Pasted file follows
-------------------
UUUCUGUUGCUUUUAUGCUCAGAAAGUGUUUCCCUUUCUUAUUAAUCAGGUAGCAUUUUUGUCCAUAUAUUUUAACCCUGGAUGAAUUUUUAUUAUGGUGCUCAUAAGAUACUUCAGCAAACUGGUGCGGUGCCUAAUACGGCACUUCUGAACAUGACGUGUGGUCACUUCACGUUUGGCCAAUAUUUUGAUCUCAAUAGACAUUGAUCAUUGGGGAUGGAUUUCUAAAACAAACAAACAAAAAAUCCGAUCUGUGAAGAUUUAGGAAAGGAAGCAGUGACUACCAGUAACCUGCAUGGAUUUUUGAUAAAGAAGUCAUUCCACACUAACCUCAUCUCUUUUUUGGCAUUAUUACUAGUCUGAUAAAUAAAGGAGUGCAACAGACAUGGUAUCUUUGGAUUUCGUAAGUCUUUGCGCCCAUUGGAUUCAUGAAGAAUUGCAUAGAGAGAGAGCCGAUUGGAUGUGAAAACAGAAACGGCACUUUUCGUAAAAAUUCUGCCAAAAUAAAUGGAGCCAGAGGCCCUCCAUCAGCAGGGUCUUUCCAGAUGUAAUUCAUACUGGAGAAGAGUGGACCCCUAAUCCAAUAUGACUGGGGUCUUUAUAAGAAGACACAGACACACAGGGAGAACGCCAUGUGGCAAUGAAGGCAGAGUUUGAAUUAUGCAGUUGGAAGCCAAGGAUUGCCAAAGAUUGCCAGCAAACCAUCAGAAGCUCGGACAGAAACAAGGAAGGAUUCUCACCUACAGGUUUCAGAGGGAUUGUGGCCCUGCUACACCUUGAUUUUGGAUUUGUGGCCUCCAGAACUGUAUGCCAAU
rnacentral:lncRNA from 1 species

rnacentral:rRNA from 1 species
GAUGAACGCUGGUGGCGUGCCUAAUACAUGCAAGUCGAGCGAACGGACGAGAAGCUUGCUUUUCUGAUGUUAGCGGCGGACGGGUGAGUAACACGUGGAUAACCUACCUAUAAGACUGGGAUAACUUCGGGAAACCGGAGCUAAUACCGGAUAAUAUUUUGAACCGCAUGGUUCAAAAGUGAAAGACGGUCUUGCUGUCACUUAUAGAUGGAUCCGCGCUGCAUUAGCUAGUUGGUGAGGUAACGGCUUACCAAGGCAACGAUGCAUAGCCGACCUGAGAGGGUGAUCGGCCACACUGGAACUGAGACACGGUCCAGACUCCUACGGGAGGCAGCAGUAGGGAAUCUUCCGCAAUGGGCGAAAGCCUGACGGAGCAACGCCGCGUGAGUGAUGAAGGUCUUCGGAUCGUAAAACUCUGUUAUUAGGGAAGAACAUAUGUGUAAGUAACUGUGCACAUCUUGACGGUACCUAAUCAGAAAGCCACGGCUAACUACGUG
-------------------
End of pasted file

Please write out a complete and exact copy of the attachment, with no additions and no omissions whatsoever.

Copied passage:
UUUCUGUUGCUUUUAUGCUCAGAAAGUGUUUCCCUUUCUUAUUAAUCAGGUAGCAUUUUUGUCCAUAUAUUUUAACCCUGGAUGAAUUUUUAUUAUGGUGCUCAUAAGAUACUUCAGCAAACUGGUGCGGUGCCUAAUACGGCACUUCUGAACAUGACGUGUGGUCACUUCACGUUUGGCCAAUAUUUUGAUCUCAAUAGACAUUGAUCAUUGGGGAUGGAUUUCUAAAACAAACAAACAAAAAAUCCGAUCUGUGAAGAUUUAGGAAAGGAAGCAGUGACUACCAGUAACCUGCAUGGAUUUUUGAUAAAGAAGUCAUUCCACACUAACCUCAUCUCUUUUUUGGCAUUAUUACUAGUCUGAUAAAUAAAGGAGUGCAACAGACAUGGUAUCUUUGGAUUUCGUAAGUCUUUGCGCCCAUUGGAUUCAUGAAGAAUUGCAUAGAGAGAGAGCCGAUUGGAUGUGAAAACAGAAACGGCACUUUUCGUAAAAAUUCUGCCAAAAUAAAUGGAGCCAGAGGCCCUCCAUCAGCAGGGUCUUUCCAGAUGUAAUUCAUACUGGAGAAGAGUGGACCCCUAAUCCAAUAUGACUGGGGUCUUUAUAAGAAGACACAGACACACAGGGAGAACGCCAUGUGGCAAUGAAGGCAGAGUUUGAAUUAUGCAGUUGGAAGCCAAGGAUUGCCAAAGAUUGCCAGCAAACCAUCAGAAGCUCGGACAGAAACAAGGAAGGAUUCUCACCUACAGGUUUCAGAGGGAUUGUGGCCCUGCUACACCUUGAUUUUGGAUUUGUGGCCUCCAGAACUGUAUGCCAAU
rnacentral:lncRNA from 1 species

rnacentral:rRNA from 1 species
GAUGAACGCUGGUGGCGUGCCUAAUACAUGCAAGUCGAGCGAACGGACGAGAAGCUUGCUUUUCUGAUGUUAGCGGCGGACGGGUGAGUAACACGUGGAUAACCUACCUAUAAGACUGGGAUAACUUCGGGAAACCGGAGCUAAUACCGGAUAAUAUUUUGAACCGCAUGGUUCAAAAGUGAAAGACGGUCUUGCUGUCACUUAUAGAUGGAUCCGCGCUGCAUUAGCUAGUUGGUGAGGUAACGGCUUACCAAGGCAACGAUGCAUAGCCGACCUGAGAGGGUGAUCGGCCACACUGGAACUGAGACACGGUCCAGACUCCUACGGGAGGCAGCAGUAGGGAAUCUUCCGCAAUGGGCGAAAGCCUGACGGAGCAACGCCGCGUGAGUGAUGAAGGUCUUCGGAUCGUAAAACUCUGUUAUUAGGGAAGAACAUAUGUGUAAGUAACUGUGCACAUCUUGACGGUACCUAAUCAGAAAGCCACGGCUAACUACGUG